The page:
Are We Alone?
Recreating (and advancing) pk’s censored domains: Macroinformation.org &
Knatz.com / Teaching / Society / Survival / Evolution /
Mission: to celebrate and promote diversity
Bravo Maeve Leakey! Bravo all Leakeys! She’s found another human ancestor, one that shows that the evolutionary tree of which Homo is a part is bushier than we’d thought. I recently finished a book by Stephen Jay Gould in which he argued that everything is bushier than we’d believed. Human consciousness about evolution has been as wrong as wrong: wrong-headedly so: with a (falsely) self-congratulatory religious agenda as driver.
I’m merely going to start today with a fast point or two. In The Sound and the Fury Faulkner’s Benjamin experiences his life as the center of his universe: the infantile perspective remained with this poor idiot into adulthood. We ride in a car; Benjy has leaves brush his face, then go away. His relationship with his niece is the same as it had been with his sister, her mother, years before: he’s still a child.
Maeve Leakey’s discovery is still more evidence that should help us all grow up: grow out of the world in which we’re the center and purpose of everything into the universe in which we are part of a complex set of things: very bushy: where there’s no such thing as “the” “center”: at least not by any of the old meanings.
Our present is yesterday’s future. Too many of your presents (and futures) are some of our pasts. SETI spent our money trying to see if “anyone’s” out there. Meanwhile, biologists, archeologists, anthropologists … have been finding increasing genetic riches in our past. Our family is larger and richer than forty generations of begats.
What about in the other direction? Where are the aliens?
I’ve long maintained that it’s ridiculous for us to assume that we’d know them if they stood next to us and bit us. Most of our relatives right here on earth are far too small to see. Or, if visible, we don’t deign to notice. Sir Fred Hoyle hypothesized decades ago that evolution on earth was driven by comet-borne viruses from general space, that life is far older than the four point six billion “year” age of our planet. Since then Fred’s thought he’s seen light-year long strands of organic material in space. Now it’s a commonplace (though I don’t hear his name mentioned as our teacher and corrector). Sir Fred lambasted the “scientists” who suppressed a 1940’s hypothesis that marks on a meteorite were alien fossils (bacterial). Now I hear such evidence referred to regularly (again, without mention of the original).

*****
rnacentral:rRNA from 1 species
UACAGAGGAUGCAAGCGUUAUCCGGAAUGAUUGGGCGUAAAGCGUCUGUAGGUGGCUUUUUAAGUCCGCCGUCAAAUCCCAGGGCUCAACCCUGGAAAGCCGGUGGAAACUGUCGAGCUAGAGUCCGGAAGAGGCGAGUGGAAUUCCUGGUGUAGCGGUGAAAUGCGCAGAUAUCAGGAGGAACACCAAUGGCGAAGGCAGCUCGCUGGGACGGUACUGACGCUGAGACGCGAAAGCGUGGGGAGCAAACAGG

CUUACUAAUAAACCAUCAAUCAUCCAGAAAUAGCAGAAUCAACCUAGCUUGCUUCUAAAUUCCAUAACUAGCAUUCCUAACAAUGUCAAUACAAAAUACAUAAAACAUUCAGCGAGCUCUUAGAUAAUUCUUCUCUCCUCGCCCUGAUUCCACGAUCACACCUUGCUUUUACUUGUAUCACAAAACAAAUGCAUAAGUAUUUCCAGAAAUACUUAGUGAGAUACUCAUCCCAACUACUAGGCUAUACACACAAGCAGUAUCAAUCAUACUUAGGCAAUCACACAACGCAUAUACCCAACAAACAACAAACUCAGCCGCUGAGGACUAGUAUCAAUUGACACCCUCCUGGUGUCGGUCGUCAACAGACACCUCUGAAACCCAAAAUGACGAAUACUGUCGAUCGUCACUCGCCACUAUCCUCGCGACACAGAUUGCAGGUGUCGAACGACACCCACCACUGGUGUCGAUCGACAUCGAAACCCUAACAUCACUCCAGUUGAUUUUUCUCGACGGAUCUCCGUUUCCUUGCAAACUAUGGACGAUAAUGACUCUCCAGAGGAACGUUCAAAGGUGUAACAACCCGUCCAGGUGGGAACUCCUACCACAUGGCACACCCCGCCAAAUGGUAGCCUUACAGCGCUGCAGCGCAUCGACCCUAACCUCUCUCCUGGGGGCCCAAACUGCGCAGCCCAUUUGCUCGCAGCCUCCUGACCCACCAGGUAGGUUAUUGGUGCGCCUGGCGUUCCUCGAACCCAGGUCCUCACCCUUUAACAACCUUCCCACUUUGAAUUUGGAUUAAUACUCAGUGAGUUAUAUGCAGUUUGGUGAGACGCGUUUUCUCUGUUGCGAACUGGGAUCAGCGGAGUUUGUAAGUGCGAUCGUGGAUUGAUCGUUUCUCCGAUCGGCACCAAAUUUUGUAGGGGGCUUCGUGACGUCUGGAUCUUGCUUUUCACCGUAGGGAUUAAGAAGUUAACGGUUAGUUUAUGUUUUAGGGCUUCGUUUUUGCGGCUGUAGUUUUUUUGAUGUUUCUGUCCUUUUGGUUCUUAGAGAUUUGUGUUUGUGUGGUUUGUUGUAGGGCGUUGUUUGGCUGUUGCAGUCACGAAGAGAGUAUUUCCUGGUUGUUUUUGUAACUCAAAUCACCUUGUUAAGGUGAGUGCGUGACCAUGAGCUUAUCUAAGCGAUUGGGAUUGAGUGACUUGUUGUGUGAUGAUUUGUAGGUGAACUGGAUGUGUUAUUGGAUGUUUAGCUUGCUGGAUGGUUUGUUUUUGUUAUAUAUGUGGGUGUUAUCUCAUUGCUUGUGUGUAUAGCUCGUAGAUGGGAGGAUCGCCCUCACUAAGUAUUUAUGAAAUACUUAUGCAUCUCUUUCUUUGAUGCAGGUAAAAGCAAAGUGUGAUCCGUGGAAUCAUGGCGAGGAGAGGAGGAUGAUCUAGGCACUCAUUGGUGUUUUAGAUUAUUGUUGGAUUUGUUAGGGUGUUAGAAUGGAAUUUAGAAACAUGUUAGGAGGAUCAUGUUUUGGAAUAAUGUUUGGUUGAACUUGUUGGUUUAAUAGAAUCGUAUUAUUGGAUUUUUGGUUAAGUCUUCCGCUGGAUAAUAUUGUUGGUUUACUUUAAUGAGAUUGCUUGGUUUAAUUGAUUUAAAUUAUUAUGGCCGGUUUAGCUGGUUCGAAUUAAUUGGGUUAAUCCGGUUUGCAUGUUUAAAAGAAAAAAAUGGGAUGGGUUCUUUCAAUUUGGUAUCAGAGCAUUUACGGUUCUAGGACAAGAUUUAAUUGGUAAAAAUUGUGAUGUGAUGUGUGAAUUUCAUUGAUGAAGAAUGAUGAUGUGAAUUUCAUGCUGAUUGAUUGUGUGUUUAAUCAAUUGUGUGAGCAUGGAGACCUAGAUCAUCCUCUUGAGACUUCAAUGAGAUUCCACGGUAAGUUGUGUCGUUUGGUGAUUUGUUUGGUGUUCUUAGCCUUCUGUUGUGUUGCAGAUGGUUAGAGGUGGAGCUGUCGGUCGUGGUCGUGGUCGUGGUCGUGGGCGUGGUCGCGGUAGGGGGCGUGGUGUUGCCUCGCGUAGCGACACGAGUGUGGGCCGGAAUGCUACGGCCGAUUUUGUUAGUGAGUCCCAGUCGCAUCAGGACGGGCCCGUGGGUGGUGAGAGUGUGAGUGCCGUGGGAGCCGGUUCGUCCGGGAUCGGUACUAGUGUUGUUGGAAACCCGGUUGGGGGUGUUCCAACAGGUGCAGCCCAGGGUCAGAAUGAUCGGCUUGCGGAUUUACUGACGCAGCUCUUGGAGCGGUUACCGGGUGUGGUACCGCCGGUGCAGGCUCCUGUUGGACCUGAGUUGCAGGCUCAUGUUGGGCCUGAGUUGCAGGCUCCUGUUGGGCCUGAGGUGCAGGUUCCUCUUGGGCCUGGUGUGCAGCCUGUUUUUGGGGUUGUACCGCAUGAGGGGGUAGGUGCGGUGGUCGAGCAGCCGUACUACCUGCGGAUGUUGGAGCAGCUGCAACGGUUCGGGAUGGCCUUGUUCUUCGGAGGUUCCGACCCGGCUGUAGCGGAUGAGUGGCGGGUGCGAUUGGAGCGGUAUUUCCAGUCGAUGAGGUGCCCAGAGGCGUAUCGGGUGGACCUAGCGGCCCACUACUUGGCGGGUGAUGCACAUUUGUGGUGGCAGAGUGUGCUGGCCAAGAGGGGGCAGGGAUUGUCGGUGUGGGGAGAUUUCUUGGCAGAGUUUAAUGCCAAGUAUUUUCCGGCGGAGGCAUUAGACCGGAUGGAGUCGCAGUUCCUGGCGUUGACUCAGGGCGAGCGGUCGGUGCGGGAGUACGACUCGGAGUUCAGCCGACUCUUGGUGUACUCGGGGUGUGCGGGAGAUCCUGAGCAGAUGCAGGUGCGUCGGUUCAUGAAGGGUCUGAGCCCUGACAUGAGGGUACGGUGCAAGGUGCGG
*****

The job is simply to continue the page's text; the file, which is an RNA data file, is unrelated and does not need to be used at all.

We stand in a “present” where science fiction becomes old news. I’m not holding my breath till some green man says “Take me to your leader.” I find it offensive that Hollywood makes him a man, a him, green … (and that he defers to our leaders). A cartoon I would have drawn decades ago (if I could draw) would have shown bee-sized aliens studying a spider and proudly announcing that they’d found intelligent life on earth. In the background, invisible to these scientist/explorers, we recognize a human pants leg and shoe. When I remove the hook from a bluegill’s mouth, I don’t think he sees “me.” He sees something huge, monstrous, mortally terrifying, but not “me.”
If there are one-celled (or even no-celled) creatures everywhere we look whether we’re looking through telescope or microscope or (fossil-scope), I think we’ll find much of it “related” to us. Some day some alien multi-celled creature may show up, pull a “ray gun,” and “speak” some “language.” (Though I’m in no hurry to meet him.) It won’t bother me in the slightest if I learn not only that “life” didn’t originate on earth, but that sex, competition, violence … didn’t originate here either. I’ll be devastated if I learn that kleptocracy didn’t start first here. (As it is, I’m devastated to see Star Trek blandly assume kleptocracy to be universal: struggles to contain imperialism galactic.)
Meantime, the wise lesson seems to be that we’re a twig; not the bole: not the root. We’re a neat twig, a fabulous twig: on a fabulous bush: full of twigs: and more than twigs: in a fabulous, very bushy, ecology of bushes. And the universe, if it is “about” anything, isn’t all about one particular twig on some particular bush.
I first put this piece in my “social evolution” folder. It’s predecessors are more about psychology and evolution. This one seems to relate to more familiar evolutionary concerns: but it’s about psychology too, you’ll notice.
@ K. 2001 03 22